Tag Archives: American Association of People with Disabilities

Register! Education! Vote! – Voters with disabilities face challenges

Far better late than never! Thanks to Minnesota’s Disability Justice project I have known for months that July 11-15 was National Disability Voter Registration Week. And I knew, too, that July 19 was the deadline to register for the primary elections.

The  good news is that Minnesota has voting day registration so it’s not too late for any resident to register – and there’s plenty of time to register in advance for the general election. Note that in addition to new voters, those who have moved, changed their name or not voted for four years are also required to register.

You’ll find more answers than you have questions here: http://vote.minneapolismn.gov/voters/REGISTER

To the present point, the time is now  to recognize the importance of everyone’s exercising the right to vote – with emphasis here on the challenges that face voters with physical or mental disabilities.  Fortunately, there are resources – print, online and human, at the ready to assist.

At the national level the REV UP! Campaign is the overall coordinator of the Registration Week activities.   REV UP! stands for Register! Educate! Vote! Use your Power!   That pretty well says it all – in an acronym (or a tweet)!  The REVUP! Campaign is a project of the American Association of People with Disabilities. (http://www.aapd.com/press-releases/aapd-announces-rev-campaign-making-disability-vote-count/) AAPD has compiled an excellent list of voter information-related resources specifically geared to people with disabilities. This election season they are making a serious effort to collaborate with faith groups to mobilize the disability vote and to encourage candidates to address issues of concern to the disabilities community. The AAPD website offers a host of tips and tools for getting out the vote and raising the issues with candidates. (http://wwwaapd.com)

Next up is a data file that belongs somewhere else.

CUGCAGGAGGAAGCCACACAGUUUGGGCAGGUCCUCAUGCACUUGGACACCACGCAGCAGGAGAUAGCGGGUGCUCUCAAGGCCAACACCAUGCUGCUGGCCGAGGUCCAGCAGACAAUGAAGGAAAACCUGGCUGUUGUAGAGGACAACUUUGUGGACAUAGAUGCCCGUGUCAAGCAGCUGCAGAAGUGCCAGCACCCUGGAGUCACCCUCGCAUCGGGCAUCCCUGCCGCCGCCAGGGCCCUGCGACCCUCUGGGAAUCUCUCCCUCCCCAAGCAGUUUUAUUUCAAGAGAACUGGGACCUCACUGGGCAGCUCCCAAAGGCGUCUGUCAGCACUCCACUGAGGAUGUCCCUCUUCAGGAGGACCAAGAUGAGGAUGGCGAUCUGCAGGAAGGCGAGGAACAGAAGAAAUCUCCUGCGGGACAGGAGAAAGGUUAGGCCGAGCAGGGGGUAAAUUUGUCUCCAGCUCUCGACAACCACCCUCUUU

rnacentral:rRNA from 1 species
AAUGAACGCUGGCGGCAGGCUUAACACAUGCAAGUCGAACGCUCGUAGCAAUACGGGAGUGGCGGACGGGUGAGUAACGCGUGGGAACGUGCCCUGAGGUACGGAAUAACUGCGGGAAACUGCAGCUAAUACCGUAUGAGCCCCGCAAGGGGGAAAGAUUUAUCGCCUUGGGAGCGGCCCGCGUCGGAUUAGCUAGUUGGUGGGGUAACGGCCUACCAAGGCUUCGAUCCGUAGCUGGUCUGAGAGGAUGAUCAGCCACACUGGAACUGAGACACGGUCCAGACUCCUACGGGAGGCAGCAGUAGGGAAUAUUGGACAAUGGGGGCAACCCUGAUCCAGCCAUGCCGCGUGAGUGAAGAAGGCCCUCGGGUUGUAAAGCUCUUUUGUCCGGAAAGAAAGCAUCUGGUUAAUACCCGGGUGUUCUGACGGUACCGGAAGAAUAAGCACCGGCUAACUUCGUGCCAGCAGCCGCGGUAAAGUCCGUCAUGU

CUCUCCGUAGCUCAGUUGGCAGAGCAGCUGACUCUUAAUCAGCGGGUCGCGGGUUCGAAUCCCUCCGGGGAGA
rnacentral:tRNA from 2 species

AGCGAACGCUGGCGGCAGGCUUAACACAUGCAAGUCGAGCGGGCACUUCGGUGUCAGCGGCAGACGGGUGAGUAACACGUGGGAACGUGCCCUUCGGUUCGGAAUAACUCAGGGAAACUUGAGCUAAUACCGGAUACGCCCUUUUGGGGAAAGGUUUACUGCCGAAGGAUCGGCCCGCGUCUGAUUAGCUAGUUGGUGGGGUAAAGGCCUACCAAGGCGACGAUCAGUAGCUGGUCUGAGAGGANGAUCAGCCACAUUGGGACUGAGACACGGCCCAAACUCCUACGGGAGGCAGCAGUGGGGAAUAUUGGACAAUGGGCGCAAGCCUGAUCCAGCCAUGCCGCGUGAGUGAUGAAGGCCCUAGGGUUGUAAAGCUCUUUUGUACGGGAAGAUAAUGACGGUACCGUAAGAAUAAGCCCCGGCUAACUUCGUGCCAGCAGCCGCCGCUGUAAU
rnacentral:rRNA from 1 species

At the state level, Minnesota Disability Justice (http://disabilityjustice.org) is equally engaged – and their website is also loaded with treasures. Their Justice Denied video (http://disabilityjustice.org/justice-denied/) is an excellent overview of the range of issues facing and resources accessible to people with disabilities. Here’s a link to the specific section on the right to vote – but it’s well worth taking time to view the entire video (http://disabilityjustice.org/right-to-vote)

The important thing is to bear in mind is that the time to take action is now – registration can be an overwhelming hurdle, and the closer we get to going to the polls, the more imposing the barriers can be – or seem. People with disabilities need support – sometimes physical, sometimes a ride, sometimes just encouragement to exercise their fundamental right to participate in the democratic process. We need their voices to be heard and their votes to be counted!